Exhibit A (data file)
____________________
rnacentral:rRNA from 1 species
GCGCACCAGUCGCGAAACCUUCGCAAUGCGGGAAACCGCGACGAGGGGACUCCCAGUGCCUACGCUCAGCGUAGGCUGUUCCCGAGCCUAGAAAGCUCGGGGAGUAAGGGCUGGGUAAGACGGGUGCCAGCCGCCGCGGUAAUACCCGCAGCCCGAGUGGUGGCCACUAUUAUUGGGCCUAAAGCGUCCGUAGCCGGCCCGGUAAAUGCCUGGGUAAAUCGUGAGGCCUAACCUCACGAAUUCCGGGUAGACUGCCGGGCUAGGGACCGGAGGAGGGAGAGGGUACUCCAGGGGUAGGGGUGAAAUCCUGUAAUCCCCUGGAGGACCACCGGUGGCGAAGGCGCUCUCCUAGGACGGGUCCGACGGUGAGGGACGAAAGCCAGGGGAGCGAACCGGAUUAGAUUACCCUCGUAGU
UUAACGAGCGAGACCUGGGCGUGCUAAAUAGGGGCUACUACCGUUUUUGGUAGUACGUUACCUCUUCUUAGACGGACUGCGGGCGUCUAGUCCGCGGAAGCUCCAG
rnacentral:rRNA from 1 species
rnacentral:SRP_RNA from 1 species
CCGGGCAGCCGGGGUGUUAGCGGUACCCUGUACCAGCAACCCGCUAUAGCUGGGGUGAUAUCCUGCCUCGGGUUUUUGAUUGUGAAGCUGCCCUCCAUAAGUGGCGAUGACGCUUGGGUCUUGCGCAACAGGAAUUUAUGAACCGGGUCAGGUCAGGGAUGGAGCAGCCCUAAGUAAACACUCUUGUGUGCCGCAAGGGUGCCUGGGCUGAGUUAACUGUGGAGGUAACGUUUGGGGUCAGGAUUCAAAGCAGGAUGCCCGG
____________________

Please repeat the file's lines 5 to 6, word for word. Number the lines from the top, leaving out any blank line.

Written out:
rnacentral:SRP_RNA from 1 species
CCGGGCAGCCGGGGUGUUAGCGGUACCCUGUACCAGCAACCCGCUAUAGCUGGGGUGAUAUCCUGCCUCGGGUUUUUGAUUGUGAAGCUGCCCUCCAUAAGUGGCGAUGACGCUUGGGUCUUGCGCAACAGGAAUUUAUGAACCGGGUCAGGUCAGGGAUGGAGCAGCCCUAAGUAAACACUCUUGUGUGCCGCAAGGGUGCCUGGGCUGAGUUAACUGUGGAGGUAACGUUUGGGGUCAGGAUUCAAAGCAGGAUGCCCGG